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Just Around the Corner to the Light of Day

The principals at lighting design firm Visual Terrain consider a successful project to be one in which the lights are not noticed. Not ignored by a visitor to, say, a shopping center or seated at a concert or strolling by a fountain, just not noticed because the lights blend in with the overall environment. Lighting isn’t only about safety and function, it’s also about creating an environment and particularly how the visitor engages with that environment. “It’s all about connecting people and creating an excitement and emotional control that people have,” said Dawn Hollingsworth, one of the three principals at Visual Terrain and the one most involved with the daily business operations. Hollingsworth and partners Jeff Ravitz and Lisa Passamonte Green have long been involved with lighting design but didn’t come together as Visual Terrain until eight years ago following a merger. With 17 employees, the firm is considered large in an industry where designers often work solo or with one or two assistants. Each member of the trio has their role at the Van Nuys-based company and they insist no fighting takes place over any territory. Each recognizes the strengths the others bring. Ravitiz, for instance, travels the most, handling the live events that use Visual Terrain-designed lighting. While much of the country watched the Super Bowl on television, Ravitz was there in person to oversee the lighting for the halftime performance by Bruce Springsteen, a client for nearly two decades. Green also does a fair amount of traveling and handles projects primarily at theme parks and entertainment centers. That leaves Hollingsworth to work on smaller scale projects while taking care of the administrative and operational duties at the offices located in a business park. This division of labor was not by design but happened naturally as the three gravitated toward what interested each of them following the merger between Green’s firm and the one that Hollingsworth and Ravitz were partners in. Green, in fact, admits to being frightened about taking on partners as she had operated on her own prior to the merger. But discussions with Hollingsworth eased her concerns when he showed a willingness for the three partners to grow together to have a successful business. “You put them all together and they can answer any question you have about lighting,” said Rock Hall, principal and chairman of Technifex Inc., a Santa Clarita-based fabricator for themed attractions that worked with Visual Terrain on the “Titanic: The Experience” exhibit on the Fox Studio Backlot in Sydney, Australia, and a chandelier using crystal fiber optic strands at the Pechanga Casino in Temecula. Working in five areas architecture, themed attractions, concerts and live events, film and television, and special projects Visual Terrain lighting can be found all over the world. In addition to Springsteen, Ravitz includes the rock group Styx, country crooner Shania Twain and former Beatle Ringo Starr as clients using his concert lighting. Theme park attractions and displays include those at Six Flags parks, Kings Island, and Universal Islands of Adventure. In the Los Angeles area, the firm has designed lighting at LA Live in downtown and at the Americana at Brand in Glendale. Prior to the merger, Hollingsworth designed the lighted columns leading to Los Angeles International Airport in such a way as to give visitors a sense they were someplace special. Natural progression Green, Hollingsworth and Ravitz all have backgrounds in theater but then pursued different directions with their careers. Green went to the show lighting group at Walt Disney Imagineering, an experience that provided a strong foundation on which to start her firm when she struck out on her own. Hollingsworth and Ravitz met in Chicago. Hollingsworth had gone from the theater to consulting work, architectural lighting and the manufacturing of lighting fixtures. She considered it a natural progression to join Ravitz in a design firm with another partner. When Visual Terrain started in 2001, it was a time of mixing entertainment with other activities within a specially designed structure. “You weren’t going to dinner anymore, you were going to have an experience,” Green said. This convergence, exemplified by themed restaurants, has now evolved into lifestyle centers such as the Americana. For that project Visual Terrain designed all the lighting for the public areas and the building facades that brought all the architectural elements together to promote the brand of its developer, Rick Caruso. While architecture is perceived to be a daytime experience, the designers at Visual Terrain use light to reveal space in a different way when darkness falls. A private 1,600-acre project the company did in Dubai incorporated a double helix sculpture in a roundabout that appeared to spin when viewed from a passing vehicle during the daylight hours and then at night became a light source. Technifex’s Hall has found that the Visual Terrain designers understand the special needs lighting has to fill. When lighting moving water, the team has a feel for position and angle of the lights so it looks good from the guest’s point of view, he said. “If we are reflecting light off a mirror and don’t want the mirror to show. They understand how to make that work,” Hall said. Peaks and valleys By working in five different areas, the three partners find it easier to get through weak periods in any one sector. The partners also employed a strategy of containing the company’s growth and not accepting work if there was not the staff to do it. The global economic downturn has slowed the pace of large overseas projects, particularly in Dubai, that Visual Terrain contributes to. What may come out of this situation is a more thoughtful design process, Hollingsworth said, a process in which the proper time is given to how lighting will fit in. Taking time to make a better design can, in the end, save money. “It is challenging to get people to think that way,” Hollingsworth said. “But good design practices will have a resurgence rather than fast practices.” SPOTLIGHT: Visual Terrain Year Founded: 2001 Revenues in 2007: $2.1 million Revenues in 2008: $2.4 million Employees in 2007: 16 Employees in 2008: 17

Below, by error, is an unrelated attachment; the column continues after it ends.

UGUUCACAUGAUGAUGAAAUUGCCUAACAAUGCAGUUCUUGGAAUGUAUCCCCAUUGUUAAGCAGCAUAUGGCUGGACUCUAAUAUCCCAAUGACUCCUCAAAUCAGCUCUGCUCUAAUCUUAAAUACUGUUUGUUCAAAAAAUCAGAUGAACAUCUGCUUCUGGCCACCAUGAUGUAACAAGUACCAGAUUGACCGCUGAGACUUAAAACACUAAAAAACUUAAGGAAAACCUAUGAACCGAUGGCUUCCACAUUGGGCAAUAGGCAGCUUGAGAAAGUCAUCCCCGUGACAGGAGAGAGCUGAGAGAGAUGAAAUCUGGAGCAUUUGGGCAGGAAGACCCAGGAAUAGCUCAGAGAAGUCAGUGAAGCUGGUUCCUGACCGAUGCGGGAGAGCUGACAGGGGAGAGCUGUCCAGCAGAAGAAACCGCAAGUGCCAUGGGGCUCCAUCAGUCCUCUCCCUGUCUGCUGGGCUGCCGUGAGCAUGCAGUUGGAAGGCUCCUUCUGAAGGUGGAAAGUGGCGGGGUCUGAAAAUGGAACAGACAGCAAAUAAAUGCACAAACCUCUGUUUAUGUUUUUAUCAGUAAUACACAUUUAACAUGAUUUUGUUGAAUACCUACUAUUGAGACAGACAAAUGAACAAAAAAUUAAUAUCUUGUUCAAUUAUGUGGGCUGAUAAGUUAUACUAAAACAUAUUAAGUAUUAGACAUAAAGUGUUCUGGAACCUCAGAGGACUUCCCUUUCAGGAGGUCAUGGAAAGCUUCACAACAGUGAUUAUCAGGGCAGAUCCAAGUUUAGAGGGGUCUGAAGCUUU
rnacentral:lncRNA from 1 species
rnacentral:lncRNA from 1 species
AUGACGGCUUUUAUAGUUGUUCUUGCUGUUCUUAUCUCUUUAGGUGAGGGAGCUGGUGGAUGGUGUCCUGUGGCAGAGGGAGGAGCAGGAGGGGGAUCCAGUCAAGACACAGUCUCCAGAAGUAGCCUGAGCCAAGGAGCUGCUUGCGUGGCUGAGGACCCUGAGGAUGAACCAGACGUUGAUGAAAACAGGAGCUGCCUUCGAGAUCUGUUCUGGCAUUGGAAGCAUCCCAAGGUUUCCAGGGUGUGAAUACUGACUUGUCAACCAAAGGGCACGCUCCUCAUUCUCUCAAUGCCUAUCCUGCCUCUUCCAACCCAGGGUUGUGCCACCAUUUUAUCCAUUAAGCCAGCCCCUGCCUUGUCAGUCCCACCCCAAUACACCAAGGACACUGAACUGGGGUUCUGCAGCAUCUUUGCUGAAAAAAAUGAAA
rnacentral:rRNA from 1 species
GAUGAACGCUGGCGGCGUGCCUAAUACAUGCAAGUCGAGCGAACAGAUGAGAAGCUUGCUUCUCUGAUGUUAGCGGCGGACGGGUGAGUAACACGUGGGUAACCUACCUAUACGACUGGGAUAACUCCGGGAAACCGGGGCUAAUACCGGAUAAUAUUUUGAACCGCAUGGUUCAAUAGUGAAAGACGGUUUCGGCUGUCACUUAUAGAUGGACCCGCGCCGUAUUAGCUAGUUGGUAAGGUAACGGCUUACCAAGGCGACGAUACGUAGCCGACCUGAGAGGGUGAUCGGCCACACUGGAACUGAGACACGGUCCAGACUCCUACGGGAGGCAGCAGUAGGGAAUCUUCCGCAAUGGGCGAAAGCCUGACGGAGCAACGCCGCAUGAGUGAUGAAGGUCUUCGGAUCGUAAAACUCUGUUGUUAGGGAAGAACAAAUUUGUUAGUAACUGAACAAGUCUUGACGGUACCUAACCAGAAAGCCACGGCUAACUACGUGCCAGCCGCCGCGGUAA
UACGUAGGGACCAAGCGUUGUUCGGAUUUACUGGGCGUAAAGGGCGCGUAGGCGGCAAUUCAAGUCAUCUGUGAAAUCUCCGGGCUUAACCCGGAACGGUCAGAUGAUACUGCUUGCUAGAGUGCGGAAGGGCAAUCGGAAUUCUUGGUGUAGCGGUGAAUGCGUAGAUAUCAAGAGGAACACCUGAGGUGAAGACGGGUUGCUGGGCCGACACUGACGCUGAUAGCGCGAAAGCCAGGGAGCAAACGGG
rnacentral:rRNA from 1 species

Mark Madler
Mark Madler
Mark R. Madler covers aviation & aerospace, manufacturing, technology, automotive & transportation, media & entertainment and the Antelope Valley. He joined the company in February 2006. Madler previously worked as a reporter for the Burbank Leader. Before that, he was a reporter for the City News Bureau of Chicago and several daily newspapers in the suburban Chicago area. He has a bachelor’s of science degree in journalism from the University of Illinois, Urbana-Champaign.